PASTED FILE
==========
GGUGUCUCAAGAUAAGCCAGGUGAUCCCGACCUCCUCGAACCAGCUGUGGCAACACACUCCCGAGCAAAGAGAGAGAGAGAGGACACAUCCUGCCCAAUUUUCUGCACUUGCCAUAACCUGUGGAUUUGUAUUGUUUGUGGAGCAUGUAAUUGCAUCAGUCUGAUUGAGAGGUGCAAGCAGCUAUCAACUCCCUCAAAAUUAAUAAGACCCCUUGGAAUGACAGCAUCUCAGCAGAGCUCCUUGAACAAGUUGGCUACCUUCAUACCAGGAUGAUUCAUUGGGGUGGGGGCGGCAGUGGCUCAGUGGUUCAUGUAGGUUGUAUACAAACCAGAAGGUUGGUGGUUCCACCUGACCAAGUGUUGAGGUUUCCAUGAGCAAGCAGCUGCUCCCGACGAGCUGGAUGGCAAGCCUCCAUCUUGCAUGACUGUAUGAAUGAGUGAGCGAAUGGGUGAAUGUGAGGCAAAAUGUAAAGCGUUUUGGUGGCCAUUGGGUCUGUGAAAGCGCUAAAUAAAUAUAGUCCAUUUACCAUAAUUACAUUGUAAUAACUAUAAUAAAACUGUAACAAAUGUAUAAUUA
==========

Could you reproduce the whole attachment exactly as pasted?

GGUGUCUCAAGAUAAGCCAGGUGAUCCCGACCUCCUCGAACCAGCUGUGGCAACACACUCCCGAGCAAAGAGAGAGAGAGAGGACACAUCCUGCCCAAUUUUCUGCACUUGCCAUAACCUGUGGAUUUGUAUUGUUUGUGGAGCAUGUAAUUGCAUCAGUCUGAUUGAGAGGUGCAAGCAGCUAUCAACUCCCUCAAAAUUAAUAAGACCCCUUGGAAUGACAGCAUCUCAGCAGAGCUCCUUGAACAAGUUGGCUACCUUCAUACCAGGAUGAUUCAUUGGGGUGGGGGCGGCAGUGGCUCAGUGGUUCAUGUAGGUUGUAUACAAACCAGAAGGUUGGUGGUUCCACCUGACCAAGUGUUGAGGUUUCCAUGAGCAAGCAGCUGCUCCCGACGAGCUGGAUGGCAAGCCUCCAUCUUGCAUGACUGUAUGAAUGAGUGAGCGAAUGGGUGAAUGUGAGGCAAAAUGUAAAGCGUUUUGGUGGCCAUUGGGUCUGUGAAAGCGCUAAAUAAAUAUAGUCCAUUUACCAUAAUUACAUUGUAAUAACUAUAAUAAAACUGUAACAAAUGUAUAAUUA